Images from Media Day with the Kansas women's basketball team.
Kansas University women’s basketball coach Bonnie Henrickson stopped a morning practice Wednesday to talk about flare screens, explaining to freshman guard Dakota Gonzalez that when one came her way, she needed to go under the screener instead of following the person she was guarding.
On the next play, freshman forward Jada Brown made the same mistake … and practice was stopped again.
Speaking at Wednesday’s media day, Henrickson says she has had to re-emphasize patience — even to herself — as it will be especially important with a 2013-14 team that lost three 1,000-point scorers while adding five freshmen who all should compete for immediate playing time.
“I continue to tell myself, ‘Enjoy the process,’” Henrickson said, “because it will be a process to put this all together.”
It’s definitely different from the last two years, when KU rode experienced squads to a pair of Sweet 16 appearances.
This season, with so many newcomers and inexperienced veterans, Henrickson likens her team’s identity to Silly Putty, saying it’s still in the process of taking shape.
In early practices, Henrickson said there have been three main constants: excitement, energy and mistakes.
Henrickson will be counting on her returning players from last year’s 20-14 team to improve as well.
That starts with junior guard Natalie Knight, who is back in practice after a season-ending ACL injury in January. Not only will the Olathe native need to be more aggressive with her shot, she also has been challenged to become more of a vocal leader.
“It’s not something I’m necessarily been comfortable doing in the past, but coach Bonnie has been working with me a little bit on that,” Knight said. “I think everybody’s going to have to do a little bit more and push a little bit harder this year.”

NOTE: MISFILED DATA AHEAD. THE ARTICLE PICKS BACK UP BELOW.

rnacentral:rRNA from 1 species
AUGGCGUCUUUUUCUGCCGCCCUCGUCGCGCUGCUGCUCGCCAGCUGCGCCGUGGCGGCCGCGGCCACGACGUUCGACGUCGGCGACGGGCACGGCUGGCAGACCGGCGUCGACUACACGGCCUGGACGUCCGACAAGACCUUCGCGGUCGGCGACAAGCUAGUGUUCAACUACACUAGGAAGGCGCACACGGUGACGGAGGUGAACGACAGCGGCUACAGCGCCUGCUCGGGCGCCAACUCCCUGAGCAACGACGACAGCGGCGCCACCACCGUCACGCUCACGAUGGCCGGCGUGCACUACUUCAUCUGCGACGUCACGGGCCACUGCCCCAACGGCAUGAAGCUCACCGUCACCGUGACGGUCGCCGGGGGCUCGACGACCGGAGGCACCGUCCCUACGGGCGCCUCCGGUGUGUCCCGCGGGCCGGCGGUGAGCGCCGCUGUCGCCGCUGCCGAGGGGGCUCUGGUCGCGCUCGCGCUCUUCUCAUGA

More also will be expected of junior forward Chelsea Gardner, who will need to be the Jayhawks’ main scoring threat in the post following the graduation of KU’s fifth-all-time leading scorer, Carolyn Davis.
Even a player like sophomore guard Lamaria Cole, who was limited to eight games last year because of turnover issues, will need to show she can be relied upon as KU’s most natural player at point guard following Angel Goodrich’s promotion to the WNBA.
Meanwhile, there’s at least some pressure to keep riding the success. Henrickson knows the positives that a pair of deep postseason runs have had on recruiting, and to keep the program viewed in that way, her Jayhawks need to continue to be competitive in the Big 12 while competing for postseason berths.
“We have the same expectations. Our expectations are always high,” KU senior guard CeCe Harper said. “We always want to make it as far as we can and reach our highest peak.”
That’s no different with the freshmen — guard Keyla Morgan, forward Caelynn Manning-Allen and Dylan Gonzalez join Brown and Dakota Gonzalez in the class — as they arrive knowing there’s an opportunity to play right away.
“We’re honored to be coming into a culture like this,” Brown said. “We’re taking it day by day and trying to find ourselves and our roles. We’re going to do whatever the team needs us to do to try to get back to that place.”
For now, that involves learning how to play deny defense on the help side, becoming versed in KU’s terminology and also taking the right path when defending on the perimeter.
“I think the next time I do flare screens,” Dakota Gonzalez said with a smile, “I will have them down.”